Thursday, November 19, 2015

  • News Wrap: Four EU countries to turn away economic migrants
    In our news wrap Thursday, Serbia, Macedonia, Croatia and Slovenia announced they will turn back migrants fleeing their countries for economic reasons, accepting only war refugees to enter their territories. Also, violence between Israelis and Palestinians claimed five more lives, including an American tourist.
    Original Air Date: November 19, 2015
    Syrian refugees walk through a field near the village of Idomeni at the Greek-Macedonian border, July 14, 2015. The United Nations refugee agency said that Greece urgently needed help to cope with 1,000 migrants arriving each day and called on the European Union (EU) to step in before the humanitarian situation deteriorates further. More than 77,000 people have arrived by sea to Greece so far this year, more than 60 percent of them Syrians, with others fleeing Afghanistan, Iraq, Eritrea and Somalia, it said. REUTERS/Alexandros Avramidis - RTX1KAH1
  • France laments how Paris suspect slipped in undetected
    The so-called mastermind of the Paris attacks was killed in a battle with police in the Paris suburb of Saint-Denis on Wednesday, confirmed authorities. While the French Assembly voted to extend a national state of emergency for three months, Belgian police made more arrests in a neighborhood with ties to the attackers. Judy Woodruff speaks to Hari Sreenivasan, reporting from Paris.
    Original Air Date: November 19, 2015
    The National Assembly is lit with the blue, white and red colours of the French flag in Paris, France, November 19, 2015, to pay tribute to the victims of a series of deadly attacks that occurred last Friday in the French capital.  REUTERS/Jacky Naegelen  - RTS80KK

Wednesday, November 18, 2015

  • FBI: Terrorists hiding with impenetrable communication
    How did the Paris terrorists communicate with each other and elude surveillance? Investigators are eyeing readily available cellphone technologies that defy cracking by intelligence agencies and even the companies that created them. Judy Woodruff takes a look at some of the encrypted apps and software being used to evade detection.
    Original Air Date: November 18, 2015
  • Do governments need access to encrypted messages to thwart terrorism?
    Would greater government access to messages sent through secure communication technology help intelligence agencies fight terrorism? Judy Woodruff gets views from Stewart Baker, former assistant secretary of Homeland Security, and Kate Martin of the Center for American Progress.
    Original Air Date: November 18, 2015
    An illustration picture shows a projection of binary code on a man holding a laptop computer, in an office in Warsaw June 24, 2013. REUTERS/Kacper Pempel (POLAND - Tags: BUSINESS TELECOMS TPX IMAGES OF THE DAY) - RTX10ZB5
  • Terror attacks bring greater urgency to migrant crisis
    Recent attacks have inspired growing calls among governments to restrict the unprecedented migration flowing into Europe and beyond. Gwen Ifill speaks with David Miliband, CEO of International Rescue Committee, and former Hungarian Ambassador András Simonyi about how countries can balance security with response to the refugee crisis.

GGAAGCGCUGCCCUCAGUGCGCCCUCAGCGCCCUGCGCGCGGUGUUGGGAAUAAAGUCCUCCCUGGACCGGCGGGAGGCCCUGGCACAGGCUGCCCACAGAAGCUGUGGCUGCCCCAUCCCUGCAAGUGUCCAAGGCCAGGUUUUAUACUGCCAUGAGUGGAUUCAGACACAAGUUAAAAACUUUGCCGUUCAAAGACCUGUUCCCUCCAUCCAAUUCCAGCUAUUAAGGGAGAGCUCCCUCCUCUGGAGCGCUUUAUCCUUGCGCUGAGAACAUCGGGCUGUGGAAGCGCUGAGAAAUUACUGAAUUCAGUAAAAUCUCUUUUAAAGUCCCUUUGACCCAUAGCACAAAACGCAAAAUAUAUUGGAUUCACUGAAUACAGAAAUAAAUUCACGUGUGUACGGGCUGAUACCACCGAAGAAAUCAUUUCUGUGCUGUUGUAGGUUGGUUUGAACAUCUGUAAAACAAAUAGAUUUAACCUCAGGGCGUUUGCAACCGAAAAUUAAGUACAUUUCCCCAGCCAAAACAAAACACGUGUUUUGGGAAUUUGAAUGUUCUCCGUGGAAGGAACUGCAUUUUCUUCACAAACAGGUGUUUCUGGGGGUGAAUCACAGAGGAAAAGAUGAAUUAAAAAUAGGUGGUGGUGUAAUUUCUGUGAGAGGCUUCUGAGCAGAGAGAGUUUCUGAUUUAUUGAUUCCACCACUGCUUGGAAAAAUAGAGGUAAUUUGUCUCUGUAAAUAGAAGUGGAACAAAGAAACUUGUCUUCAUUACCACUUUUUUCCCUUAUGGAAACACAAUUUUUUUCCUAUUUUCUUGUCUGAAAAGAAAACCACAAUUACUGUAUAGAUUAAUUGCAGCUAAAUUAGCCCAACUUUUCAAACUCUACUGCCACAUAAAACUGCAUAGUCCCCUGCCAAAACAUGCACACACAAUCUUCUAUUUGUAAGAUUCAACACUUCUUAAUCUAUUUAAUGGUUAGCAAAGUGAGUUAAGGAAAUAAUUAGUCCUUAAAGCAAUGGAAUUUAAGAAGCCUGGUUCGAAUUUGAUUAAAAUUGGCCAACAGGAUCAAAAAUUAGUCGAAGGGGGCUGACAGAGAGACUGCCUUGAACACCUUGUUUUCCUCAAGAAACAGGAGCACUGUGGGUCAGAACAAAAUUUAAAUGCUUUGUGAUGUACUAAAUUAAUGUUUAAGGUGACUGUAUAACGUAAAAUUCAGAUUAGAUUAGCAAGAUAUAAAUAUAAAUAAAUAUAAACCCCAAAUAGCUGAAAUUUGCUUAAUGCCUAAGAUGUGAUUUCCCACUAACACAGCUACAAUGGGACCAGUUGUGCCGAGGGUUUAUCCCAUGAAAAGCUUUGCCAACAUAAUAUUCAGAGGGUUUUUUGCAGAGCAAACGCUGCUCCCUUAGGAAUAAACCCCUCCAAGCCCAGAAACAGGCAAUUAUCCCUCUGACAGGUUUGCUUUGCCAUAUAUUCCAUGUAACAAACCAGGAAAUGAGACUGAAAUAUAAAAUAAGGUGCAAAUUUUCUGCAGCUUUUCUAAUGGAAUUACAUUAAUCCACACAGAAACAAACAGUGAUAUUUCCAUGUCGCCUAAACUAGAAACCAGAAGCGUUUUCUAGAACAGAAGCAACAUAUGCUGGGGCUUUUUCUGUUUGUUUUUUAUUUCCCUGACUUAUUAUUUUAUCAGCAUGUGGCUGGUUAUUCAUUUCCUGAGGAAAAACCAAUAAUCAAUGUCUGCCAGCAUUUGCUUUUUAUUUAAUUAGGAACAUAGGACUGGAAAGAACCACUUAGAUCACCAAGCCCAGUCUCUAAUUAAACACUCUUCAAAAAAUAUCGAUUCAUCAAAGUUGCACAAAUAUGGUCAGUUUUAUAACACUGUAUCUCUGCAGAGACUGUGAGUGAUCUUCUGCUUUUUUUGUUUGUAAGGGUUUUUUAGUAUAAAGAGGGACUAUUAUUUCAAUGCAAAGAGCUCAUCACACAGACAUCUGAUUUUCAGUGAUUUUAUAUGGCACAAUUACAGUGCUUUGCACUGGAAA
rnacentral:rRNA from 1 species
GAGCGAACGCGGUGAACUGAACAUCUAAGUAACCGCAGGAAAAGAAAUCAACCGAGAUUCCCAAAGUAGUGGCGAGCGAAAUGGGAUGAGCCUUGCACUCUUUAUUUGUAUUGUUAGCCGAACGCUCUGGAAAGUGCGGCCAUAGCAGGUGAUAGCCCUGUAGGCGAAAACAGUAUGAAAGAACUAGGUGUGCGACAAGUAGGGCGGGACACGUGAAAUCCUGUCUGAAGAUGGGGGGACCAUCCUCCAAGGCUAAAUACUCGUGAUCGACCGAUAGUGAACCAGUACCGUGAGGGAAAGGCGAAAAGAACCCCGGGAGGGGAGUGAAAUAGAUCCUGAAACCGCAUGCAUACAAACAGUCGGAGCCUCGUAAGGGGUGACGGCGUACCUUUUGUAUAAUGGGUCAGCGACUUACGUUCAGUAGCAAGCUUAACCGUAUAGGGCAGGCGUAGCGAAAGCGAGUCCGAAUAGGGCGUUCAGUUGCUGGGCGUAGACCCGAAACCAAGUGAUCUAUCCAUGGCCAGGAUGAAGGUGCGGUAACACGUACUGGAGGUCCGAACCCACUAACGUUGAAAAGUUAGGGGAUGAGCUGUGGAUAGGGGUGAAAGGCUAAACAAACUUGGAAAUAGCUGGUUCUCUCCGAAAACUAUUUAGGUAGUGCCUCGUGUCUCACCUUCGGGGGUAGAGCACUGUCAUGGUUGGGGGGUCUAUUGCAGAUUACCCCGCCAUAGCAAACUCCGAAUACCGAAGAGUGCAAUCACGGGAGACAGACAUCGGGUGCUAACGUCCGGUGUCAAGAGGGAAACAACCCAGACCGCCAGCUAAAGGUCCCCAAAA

Original Air Date: November 18, 2015
    Migrants wait for trains at the Wien Westbahnhof in Vienna, Austria, on Sept. 10, 2015. Photo by Heinz-Peter Bader/Reuters
  • Why is France a target? Look to its alienated Muslim youth
    Friday’s tragedy was just one of a number of terrorist attacks suffered by Paris across the past decade. Former New York Times Paris bureau chief Elaine Sciolino offers her take on why France has been a target.
    Original Air Date: November 18, 2015
    A general view shows the Eiffel Tower and the Paris skyline through a small-particle haze March 18, 2015. The French capital and much of northern France awoke to a spike in pollution on Wednesday.   REUTERS/Gonzalo Fuentes (FRANCE - Tags: ENVIRONMENT TRAVEL CITYSCAPE) - RTR4TW7E
  • Parisians fight terror with a simple act: returning to cafes
    Their country is in a state of emergency, but Parisians are back at their neighborhood cafes, taking solace in normal life and even showing a little defiance toward the attackers who killed so many people. Hari Sreenivasan reports from Paris.
    Original Air Date: November 18, 2015
    A man walks on the street as people sit at a table outside a bistro in Paris, France, November 18, 2015. Parisians were called to flock en masse to the French capital's renowned cafes and restaurants after last week's attacks that killed many cafe-goers.   REUTERS/Gonzalo Fuentes - RTS7UDQ
  • FBI: Terrorists hiding behind impenetrable communication
    How did the Paris terrorists communicate with each other and elude surveillance? Investigators are eyeing readily available cellphone technologies that defy cracking by intelligence agencies and even the companies that created them. Judy Woodruff takes a look at some of the encrypted apps and software being used to evade detection.
    Original Air Date: November 18, 2015
    Shortwave is a podcast. That you listen to. With your ears.
  • Paris terror and the migrant crisis tear at Europe’s open borders
    How to deal with hundreds of thousands of migrants, many fleeing from Syria? It's a question that was already tearing at the fabric of Europe before the attacks in Paris, with different countries taking very different stances. But after Friday night, the very idea of Europe's open borders is under threat. Hari Sreenivasan reports from Paris.
    Original Air Date: November 18, 2015
    A Syrian refugee holds onto his daughter as he waits to cross into Turkey at Akcakale border gate in Sanliurfa province, Turkey, June 15, 2015.REUTERS/Umit Bektas TPX IMAGES OF THE DAY
Umit Bektas: The man in the picture was gesturing to all of us on the other side of the barbed wire, asking the soldiers, officials and media for help. He was far from the only one: countless people were begging to be let across the border. These refugees had rushed from the town of Tel Abiad because they were expecting fighting between Isis and Kurdish forces.